Music, food, dance and even traditional herbal medicine were among the attractions Sunday afternoon at the 35th annual Taste of Armenia Festival in downtown Evanston.

The Clark Street block where St. James Armenian Church is located was blocked off between Sherman and Benson, making room for booths, tables, musicians and a few thousand visitors who were enjoying the beautiful day and sampling the kebabs, hummus, and baba ghanoush.

Gavik Anbarchian, chair of both the church and the festival, said the yearly event gives members of the Armenian community the chance to “get together and connect,” while at the same time letting others learn about Armenia and Armenian-Americans, “so that we’re not invisible.”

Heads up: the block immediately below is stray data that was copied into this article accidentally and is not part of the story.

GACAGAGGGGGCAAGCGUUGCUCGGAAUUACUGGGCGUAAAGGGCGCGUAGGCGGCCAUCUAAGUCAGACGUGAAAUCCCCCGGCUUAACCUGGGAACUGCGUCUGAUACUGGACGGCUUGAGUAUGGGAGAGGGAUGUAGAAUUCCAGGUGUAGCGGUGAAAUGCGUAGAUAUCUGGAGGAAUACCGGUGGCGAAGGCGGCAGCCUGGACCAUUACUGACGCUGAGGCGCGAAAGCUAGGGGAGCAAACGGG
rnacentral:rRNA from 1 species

One of the pivotal events in Armenian history was genocide perpetrated by the Ottoman Empire during World War I.

While Turkey, the primary successor state to the Empire, has denied that genocide took place, most historians and scholars

Turkey, officially the Republic of Türkiye, shares a border — and a disputed history — with Armenia. Credit: Google

Anbarchian said there are about 10 million Armenians in the world, including three million in Armenia itself, and one million in the U.S.

St. James Church, he noted, is 77 years old, and originated in the City of Chicago.

Anbarchian said the Evanston church has about 500 to 600 members.